Can Advances in CMOS Replace sCMOS Sensors? We Compare

    CMOS technology is equipped with cutting-edge imaging abilities that are useful for several applications. The question is whether it can substitute the more costly sCMOS (Scientific CMOS) sensors.

    CMOS and sCMOS sensors have set the yardstick for value and performance in machine vision in different industries. With this article, you will be familiar with the costs and advantages of each technology for demanding imaging applications.

    Related: Comparing sCMOS vs qCMOS Sensors

    CMOS vs. sCMOS Sensors:

    An sCMOS sensor is usually considered a “next-generation” CMOS sensor. The idea behind implementing the sCMOS technology is to reduce the gap between the latest CMOS sensors and obsolete CCD (Charge Coupling Device) sensors through the initial phases of CMOS development. Initially, several applications couldn’t use the CMOS sensors because of the negotiation in frame rates, resolution, dynamic range, and read noise.

    During the introduction of sCMOS cameras, they utilized identical fabrication methods and design principles as the CMOS sensors. However, they incorporated various features that assisted them in tackling the early CMOS defects.

    Consequently, sCMOS sensors became perfectly suitable for scientific applications where broad dynamic range, low light performance, and high fidelity were significant.

    Since the sCMOS cameras were introduced till now, there has been a noteworthy improvement in the conventional CMOS sensors in the context of their competence to decrease their internal noise and high quantum efficiency. Therefore, CMOS cameras have become worthwhile options for lots of cutting-edge applications.

    The majority of CMOS cameras are considerably less expensive than sCMOS cameras. Due to this aspect, many researchers and engineers are encouraged to assess the newest CMOS sensor. This assessment is helpful to them when they want to choose a microscopy camera, cytology/cytogenetics camera, pifluorescence camera, or histology camera for their application.

    Also Read: Comparing CCD vs CMOS Sensor

    Which one to use -a CMOS or an sCMOS Sensor?

    Schematic indicating how the acquisition of a frame can overlap with the readout of the previous frame. This allows the sCMOS to acquire and readout at a fast speed. Source:

    The choice among a CMOS or sCMOS sensor relies on various factors. When comparing the two, you probably use the epifluorescence illumination since the white light is vivid enough to not depend on an sCMOS sensor.

    The choice between the two simplifies when considering the amount of light approaching the camera or a blend of performance parameters exceptional to a particular application. Irrespective of sCMOS or CMOS, you must prioritize a monochrome sensor over the color equivalent sensor. This is because a monochrome sensor offers high quantum efficiency.

    Two essential characteristics of sCMOS sensor include backside illumination and big pixels that help decrease the overall noise. Furthermore, sCMOS cameras typically incorporate a Peltier cooling mechanism to reduce thermal noise over extended exposures.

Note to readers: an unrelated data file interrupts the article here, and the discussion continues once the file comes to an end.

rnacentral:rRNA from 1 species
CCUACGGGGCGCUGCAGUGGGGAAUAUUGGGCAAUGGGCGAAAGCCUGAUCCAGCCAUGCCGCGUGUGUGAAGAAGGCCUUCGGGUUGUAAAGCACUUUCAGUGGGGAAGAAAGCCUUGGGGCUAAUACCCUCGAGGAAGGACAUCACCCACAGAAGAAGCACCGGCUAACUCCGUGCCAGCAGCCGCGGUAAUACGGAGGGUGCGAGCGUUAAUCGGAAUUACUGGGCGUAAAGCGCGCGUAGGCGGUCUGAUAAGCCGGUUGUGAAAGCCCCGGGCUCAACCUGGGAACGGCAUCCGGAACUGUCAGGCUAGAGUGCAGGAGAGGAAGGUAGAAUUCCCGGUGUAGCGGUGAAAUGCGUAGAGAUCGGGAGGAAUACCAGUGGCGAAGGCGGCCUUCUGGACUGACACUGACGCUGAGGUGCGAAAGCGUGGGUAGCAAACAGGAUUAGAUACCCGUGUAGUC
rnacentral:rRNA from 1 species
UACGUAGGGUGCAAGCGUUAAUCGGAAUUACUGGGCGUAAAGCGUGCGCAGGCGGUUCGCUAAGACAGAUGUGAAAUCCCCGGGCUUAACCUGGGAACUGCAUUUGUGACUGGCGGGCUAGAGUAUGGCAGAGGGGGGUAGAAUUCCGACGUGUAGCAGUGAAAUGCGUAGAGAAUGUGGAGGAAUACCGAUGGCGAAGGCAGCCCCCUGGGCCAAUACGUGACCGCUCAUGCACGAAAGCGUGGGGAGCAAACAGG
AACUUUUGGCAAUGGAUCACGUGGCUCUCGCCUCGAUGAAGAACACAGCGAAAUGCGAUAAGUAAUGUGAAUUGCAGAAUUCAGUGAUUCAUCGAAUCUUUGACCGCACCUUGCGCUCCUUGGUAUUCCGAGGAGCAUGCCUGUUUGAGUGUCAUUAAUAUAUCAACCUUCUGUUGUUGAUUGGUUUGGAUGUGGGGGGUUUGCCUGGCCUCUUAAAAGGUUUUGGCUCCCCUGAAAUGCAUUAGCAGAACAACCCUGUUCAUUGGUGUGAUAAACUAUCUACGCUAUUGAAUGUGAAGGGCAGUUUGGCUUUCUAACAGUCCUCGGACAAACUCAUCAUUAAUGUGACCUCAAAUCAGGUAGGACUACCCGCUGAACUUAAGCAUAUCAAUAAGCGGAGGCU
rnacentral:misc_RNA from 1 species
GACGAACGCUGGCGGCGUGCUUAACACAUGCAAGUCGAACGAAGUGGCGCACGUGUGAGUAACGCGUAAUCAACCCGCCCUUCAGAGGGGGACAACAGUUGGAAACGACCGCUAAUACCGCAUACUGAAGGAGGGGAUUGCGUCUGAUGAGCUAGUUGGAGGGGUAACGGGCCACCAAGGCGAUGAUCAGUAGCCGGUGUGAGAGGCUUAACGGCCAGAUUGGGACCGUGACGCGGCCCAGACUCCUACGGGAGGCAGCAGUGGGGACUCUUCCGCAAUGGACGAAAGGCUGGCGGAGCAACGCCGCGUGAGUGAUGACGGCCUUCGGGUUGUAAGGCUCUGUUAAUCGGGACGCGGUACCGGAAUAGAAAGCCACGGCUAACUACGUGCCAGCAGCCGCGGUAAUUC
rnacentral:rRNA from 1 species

Those cameras equipped with sCMOS sensors also require a high bandwidth interface like CoaXpress or CameraLink with a frame grabber board, making these vision systems more complicated and, therefore, more expensive.

    To counteract this, CMOS manufacturers have brought noteworthy enhancements in quantum efficiency, decreasing read noise and employing backside illumination.

    The high quantum efficiency improves the incoming photon gathering ability. The reduced read noise guarantees that even the low levels of incoming photos are not lost in this noise.

    Peltier cooling is also an alternative in a few CMOS sensors. But the boost in quantum efficiency and decreased noise has made cooling needless for several biomedical imaging applications.

    CMOS sensors have been combined with interfaces like GigE, 10 GigE, and USB3. This is one of the ways to keep costs down. Such interfaces don’t need a frame grabber that decreases the cost and complexity of the system. Forthcoming interfaces like CXPX, USB4, and 25/100GigE will help to solve this problem by offering considerably higher bandwidths.

    CMOS Sensors are an Affordable Alternative:

    The affordable cost is one of the key factors encouraging many system designers and engineers to consider assessing the cutting-edge CMOS sensors over an sCMOS-based system.

    In many instances, vision system designers are stunned to get a relevant CMOS camera for a price below $1,000 when a classic sCMOS setup with similar performance metrics could cost up to $10,000.

    Irrespective of CMOS or sCMOS type, several camera manufacturers don’t use a single standard when comparing cameras. Therefore, it cannot be easy to compare cameras irrespective of the sensor type.

    In the machine vision domain, EMVA1288 is the accepted standard for specifications and measurement of the cameras in America (AIA – American Automated Imaging Association), Japan (JIIA – Japan Industrial Imaging Association), and Europe.

    Summing up, sCMOS cameras may be a requisite for cases requiring high-performance levels. However, it would be worthwhile to recognize the crucial performance metrics for a particular application. Moreover, it is essential to establish an unbiased comparison between CMOS and sCMOS cameras before making a choice.

    There is continuous advancement in CMOS sensors. Moreover, the price-to-performance ratio between these two camera types is quickly narrowing. If a conventional CMOS sensor can meet your application requirements, it may be a cost-effective alternative.

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